Article
Full-text available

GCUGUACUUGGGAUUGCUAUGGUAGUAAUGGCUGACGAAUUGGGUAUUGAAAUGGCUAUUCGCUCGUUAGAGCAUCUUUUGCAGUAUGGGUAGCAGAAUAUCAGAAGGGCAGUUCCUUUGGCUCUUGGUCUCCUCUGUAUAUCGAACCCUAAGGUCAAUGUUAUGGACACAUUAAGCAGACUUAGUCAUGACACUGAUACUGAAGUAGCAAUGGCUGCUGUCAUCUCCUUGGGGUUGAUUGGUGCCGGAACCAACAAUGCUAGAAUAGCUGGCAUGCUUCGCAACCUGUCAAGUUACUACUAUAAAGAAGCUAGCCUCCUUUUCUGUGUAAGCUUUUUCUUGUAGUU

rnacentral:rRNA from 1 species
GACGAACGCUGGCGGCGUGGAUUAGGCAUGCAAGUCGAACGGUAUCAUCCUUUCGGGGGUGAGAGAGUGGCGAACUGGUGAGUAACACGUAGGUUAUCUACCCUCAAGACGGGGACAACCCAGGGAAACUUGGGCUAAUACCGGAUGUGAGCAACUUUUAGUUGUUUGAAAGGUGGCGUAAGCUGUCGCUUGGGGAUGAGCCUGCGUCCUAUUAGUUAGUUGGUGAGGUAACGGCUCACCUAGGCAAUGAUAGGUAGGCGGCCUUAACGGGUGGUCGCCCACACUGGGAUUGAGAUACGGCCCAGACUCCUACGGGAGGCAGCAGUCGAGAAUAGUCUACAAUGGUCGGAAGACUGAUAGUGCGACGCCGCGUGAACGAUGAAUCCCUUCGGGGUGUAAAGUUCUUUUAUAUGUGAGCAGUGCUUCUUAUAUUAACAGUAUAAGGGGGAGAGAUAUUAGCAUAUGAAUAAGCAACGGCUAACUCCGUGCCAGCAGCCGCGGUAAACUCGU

Objective: To evaluate the anti-hyperprolactinemic effect of methanolic extract of Tinospora cordifolia against antipsychotic/neuroleptic drug induced hyperprolactinemia. Methods: A total of 48 Wistar albino rats were chosen in the study. To induce hyperprolactinemia, haloperidol at 5 mg/kg/day was intraperitoneally administered for 16 continuous days and sulpiride at 20 mg/kg/day was administered intraperitoneally for 28 continuous days. Methanolic extract of Tinospora cordifolia at 200 mg/kg/day and 400 mg/kg/day were administered orally 30 min before administration of haloperidol and sulpiride for 16 and 28 days, respectively. Then, we had evaluated prolactin, dopamine and antioxidant status in the treatment group as compared to haloperidol and sulpiride. Results: There was a significant (P<0.05) increase in serum prolactin level and decrease in dopamine level in the haloperidol and sulpiride treated animals. However, methanolic extract of Tinospora cordifolia significantly (P<0.05) decreased serum prolactin level and increased brain dopamine level. Further, superoxide dismutase and catalase level were also decreased significantly in the haloperidol and sulpiride treated groups as compared to those of the control group and the antioxidant status was restored significantly on treatment with methanolic extract of Tinospora cordifolia. Furthermore, methanolic extract of Tinospora cordifolia also reduced total leukocyte count, and increased red blood cell count and hemoglobin concentration. In addition, the spleen did not show signs of infection or inflammation in the experiments. Conclusions: Methanolic extract of Tinospora cordifolia has a significant antihyperprolactinemic effect which may be attributed to neuroprotective and antioxidant effects of its signature constituents like stepharanine.